“Everyone has a plan until they get hit.” – Joe Louis
Joe Louis was a brilliant heavyweight in a time that was certainly a difficult one for African American men. Joe Louis was a quiet champion and generally let his fists do the talking. In the quote above, however, Louis spoke true words of wisdom offering up a poignant essence of sport and life. Mike Tyson modernized the sentiment years later by stating “Everyone has a plan until they get punched in the face” Uh-huh.
In getting motivated, we generally plan, establish goals, and set a game plan for the future. Nothing wrong with that. Hard to get somewhere without a map. As my uncle says, “If you don’t know where you’re going, any road will get you there.” Inevitably though, plan or not, we are going to have disruptions, trials, and storms along the way. Our road maps and goals rarely have contingency plans for such disruptions, because we see through our own lenses in how we hope things will evolve.
Fighters fight to win and in doing so try to fight on their own terms. In boxing and the martial arts we develop habits and patterns over years of practice, honing our strengths along the way. In developing these strengths we create game plans to capitalize on them. Finding our strengths and developing a plan in and around them is certainly a vital component of success. However, so is looking at our weaknesses – or how our opponents would and will look at us. Many of us don’t look at this dark underbelly of planning.
The thing in fighting and in life is that each of us has an opponent to contend with. In the ring there is literally another man (or woman) trying to hurt and defeat you. Unquestionably though, our biggest opponent whether in or out of the ring, is ourselves. This is what Joe Louis was saying – have a plan, but be willing to adapt. Sticking to the plan no matter what is arrogance and a good way to keep getting hit. We have to develop that sense of knowing when it’s time to change that plan or even throw it away.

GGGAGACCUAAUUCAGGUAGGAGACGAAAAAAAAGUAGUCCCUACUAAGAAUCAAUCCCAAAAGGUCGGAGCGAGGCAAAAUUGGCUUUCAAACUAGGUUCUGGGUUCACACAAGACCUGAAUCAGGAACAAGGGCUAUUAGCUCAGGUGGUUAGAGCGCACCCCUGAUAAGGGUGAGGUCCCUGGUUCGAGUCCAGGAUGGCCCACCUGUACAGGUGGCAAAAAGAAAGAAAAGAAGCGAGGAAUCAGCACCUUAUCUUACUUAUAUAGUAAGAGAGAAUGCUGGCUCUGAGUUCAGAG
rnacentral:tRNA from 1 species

In developing a game plan we play to our strengths and to our opponent’s weaknesses. When preparing for a fight, we notice our opponent’s tendencies. For instance, we might take note of our opponent’s footwork or head movement. Someone always moving his head in the same pattern might be something I’d notice. Always stepping with the jab or dropping the right hand as the jab is thrown is another tendency I look for. In studying such patterns we can better capitalize on our opponent’s mistakes.
While it’s vital to study such things in preparation, we have to keep in mind that our opponents are also most likely doing the same work. What is key is that we must also have enough humility to be truly introspective and see our weaknesses. We must also plan in and around those weaknesses. And if and when we have these weaknesses exposed, we must be willing to adjust our plan.
One of the lessons in planning is to have more than one plan. I might fight my game and play defensively, but I should also have a plan for being the aggressor. You should have a plan for succeeding and, honestly, a contingency plan for quitting. The problem is that in fighting the fine line from having heart and courage, to arrogance and ego is often blurred. We face the same issue in planning to succeed in life. We can become blinded by our self-will and determination to win and be right.
Such will is what makes champions, and sometimes such will is also what leads to permanent brain damage or permanently fractured relationships. If victory is not attainable, much better to utter “no mas.” Better to know that the fight is no longer there for us or that perhaps it’s time to fight another battle. The ability to see through the smoke of battle and make such a distinction is true courage.
My uncle also has another quote he likes to say from time to time. “You can have the answer, but if no one has a question, it doesn’t really matter.” In other words, having the plan and answer is fine, but we also have to be wise enough to know when and if it’s the wrong plan.
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